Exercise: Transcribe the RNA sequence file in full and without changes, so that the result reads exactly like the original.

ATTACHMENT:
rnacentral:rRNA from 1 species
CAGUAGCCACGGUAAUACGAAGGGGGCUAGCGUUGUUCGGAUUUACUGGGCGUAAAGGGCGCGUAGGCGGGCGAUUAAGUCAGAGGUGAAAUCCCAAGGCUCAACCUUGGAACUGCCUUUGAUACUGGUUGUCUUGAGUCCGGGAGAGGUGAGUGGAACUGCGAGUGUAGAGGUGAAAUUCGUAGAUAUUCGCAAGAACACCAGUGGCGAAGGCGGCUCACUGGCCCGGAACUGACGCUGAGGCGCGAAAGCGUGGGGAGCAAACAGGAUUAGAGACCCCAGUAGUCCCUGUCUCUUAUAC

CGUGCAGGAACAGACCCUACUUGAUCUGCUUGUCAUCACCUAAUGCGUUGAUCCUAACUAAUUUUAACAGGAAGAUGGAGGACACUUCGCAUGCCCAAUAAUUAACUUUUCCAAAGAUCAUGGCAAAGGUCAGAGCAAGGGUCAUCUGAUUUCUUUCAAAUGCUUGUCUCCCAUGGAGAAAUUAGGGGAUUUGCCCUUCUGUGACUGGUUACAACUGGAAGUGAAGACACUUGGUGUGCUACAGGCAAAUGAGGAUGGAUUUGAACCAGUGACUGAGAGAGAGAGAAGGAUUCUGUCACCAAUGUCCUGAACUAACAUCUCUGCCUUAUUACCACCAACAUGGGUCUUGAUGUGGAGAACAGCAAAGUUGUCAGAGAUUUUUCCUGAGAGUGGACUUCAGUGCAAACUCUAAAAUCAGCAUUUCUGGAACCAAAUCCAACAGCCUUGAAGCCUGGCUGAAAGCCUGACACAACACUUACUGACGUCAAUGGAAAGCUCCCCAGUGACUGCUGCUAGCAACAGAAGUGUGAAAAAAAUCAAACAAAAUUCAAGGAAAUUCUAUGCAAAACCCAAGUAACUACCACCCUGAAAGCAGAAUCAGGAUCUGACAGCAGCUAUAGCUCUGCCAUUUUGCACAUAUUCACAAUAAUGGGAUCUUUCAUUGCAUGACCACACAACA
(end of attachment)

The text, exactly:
rnacentral:rRNA from 1 species
CAGUAGCCACGGUAAUACGAAGGGGGCUAGCGUUGUUCGGAUUUACUGGGCGUAAAGGGCGCGUAGGCGGGCGAUUAAGUCAGAGGUGAAAUCCCAAGGCUCAACCUUGGAACUGCCUUUGAUACUGGUUGUCUUGAGUCCGGGAGAGGUGAGUGGAACUGCGAGUGUAGAGGUGAAAUUCGUAGAUAUUCGCAAGAACACCAGUGGCGAAGGCGGCUCACUGGCCCGGAACUGACGCUGAGGCGCGAAAGCGUGGGGAGCAAACAGGAUUAGAGACCCCAGUAGUCCCUGUCUCUUAUAC

CGUGCAGGAACAGACCCUACUUGAUCUGCUUGUCAUCACCUAAUGCGUUGAUCCUAACUAAUUUUAACAGGAAGAUGGAGGACACUUCGCAUGCCCAAUAAUUAACUUUUCCAAAGAUCAUGGCAAAGGUCAGAGCAAGGGUCAUCUGAUUUCUUUCAAAUGCUUGUCUCCCAUGGAGAAAUUAGGGGAUUUGCCCUUCUGUGACUGGUUACAACUGGAAGUGAAGACACUUGGUGUGCUACAGGCAAAUGAGGAUGGAUUUGAACCAGUGACUGAGAGAGAGAGAAGGAUUCUGUCACCAAUGUCCUGAACUAACAUCUCUGCCUUAUUACCACCAACAUGGGUCUUGAUGUGGAGAACAGCAAAGUUGUCAGAGAUUUUUCCUGAGAGUGGACUUCAGUGCAAACUCUAAAAUCAGCAUUUCUGGAACCAAAUCCAACAGCCUUGAAGCCUGGCUGAAAGCCUGACACAACACUUACUGACGUCAAUGGAAAGCUCCCCAGUGACUGCUGCUAGCAACAGAAGUGUGAAAAAAAUCAAACAAAAUUCAAGGAAAUUCUAUGCAAAACCCAAGUAACUACCACCCUGAAAGCAGAAUCAGGAUCUGACAGCAGCUAUAGCUCUGCCAUUUUGCACAUAUUCACAAUAAUGGGAUCUUUCAUUGCAUGACCACACAACA